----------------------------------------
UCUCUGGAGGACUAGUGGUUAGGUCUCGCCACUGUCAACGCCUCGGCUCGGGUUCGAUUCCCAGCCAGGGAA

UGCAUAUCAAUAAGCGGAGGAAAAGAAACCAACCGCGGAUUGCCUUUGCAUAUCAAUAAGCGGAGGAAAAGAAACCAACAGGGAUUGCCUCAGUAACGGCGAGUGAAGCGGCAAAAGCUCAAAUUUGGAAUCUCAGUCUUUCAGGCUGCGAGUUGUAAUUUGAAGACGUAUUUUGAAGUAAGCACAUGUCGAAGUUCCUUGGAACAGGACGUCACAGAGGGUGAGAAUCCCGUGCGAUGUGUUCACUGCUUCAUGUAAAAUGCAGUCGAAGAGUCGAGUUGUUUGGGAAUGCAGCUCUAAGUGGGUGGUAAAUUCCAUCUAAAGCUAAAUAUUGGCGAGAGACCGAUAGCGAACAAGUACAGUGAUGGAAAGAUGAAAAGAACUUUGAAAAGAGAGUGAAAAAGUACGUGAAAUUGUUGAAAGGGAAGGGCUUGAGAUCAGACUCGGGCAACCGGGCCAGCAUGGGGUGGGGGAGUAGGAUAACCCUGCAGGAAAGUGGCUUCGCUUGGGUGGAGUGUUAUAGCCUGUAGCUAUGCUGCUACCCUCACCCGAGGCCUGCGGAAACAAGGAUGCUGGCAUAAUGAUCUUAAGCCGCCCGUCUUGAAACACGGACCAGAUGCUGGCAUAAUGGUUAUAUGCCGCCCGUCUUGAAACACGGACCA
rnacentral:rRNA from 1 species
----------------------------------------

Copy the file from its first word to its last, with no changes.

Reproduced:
UCUCUGGAGGACUAGUGGUUAGGUCUCGCCACUGUCAACGCCUCGGCUCGGGUUCGAUUCCCAGCCAGGGAA

UGCAUAUCAAUAAGCGGAGGAAAAGAAACCAACCGCGGAUUGCCUUUGCAUAUCAAUAAGCGGAGGAAAAGAAACCAACAGGGAUUGCCUCAGUAACGGCGAGUGAAGCGGCAAAAGCUCAAAUUUGGAAUCUCAGUCUUUCAGGCUGCGAGUUGUAAUUUGAAGACGUAUUUUGAAGUAAGCACAUGUCGAAGUUCCUUGGAACAGGACGUCACAGAGGGUGAGAAUCCCGUGCGAUGUGUUCACUGCUUCAUGUAAAAUGCAGUCGAAGAGUCGAGUUGUUUGGGAAUGCAGCUCUAAGUGGGUGGUAAAUUCCAUCUAAAGCUAAAUAUUGGCGAGAGACCGAUAGCGAACAAGUACAGUGAUGGAAAGAUGAAAAGAACUUUGAAAAGAGAGUGAAAAAGUACGUGAAAUUGUUGAAAGGGAAGGGCUUGAGAUCAGACUCGGGCAACCGGGCCAGCAUGGGGUGGGGGAGUAGGAUAACCCUGCAGGAAAGUGGCUUCGCUUGGGUGGAGUGUUAUAGCCUGUAGCUAUGCUGCUACCCUCACCCGAGGCCUGCGGAAACAAGGAUGCUGGCAUAAUGAUCUUAAGCCGCCCGUCUUGAAACACGGACCAGAUGCUGGCAUAAUGGUUAUAUGCCGCCCGUCUUGAAACACGGACCA
rnacentral:rRNA from 1 species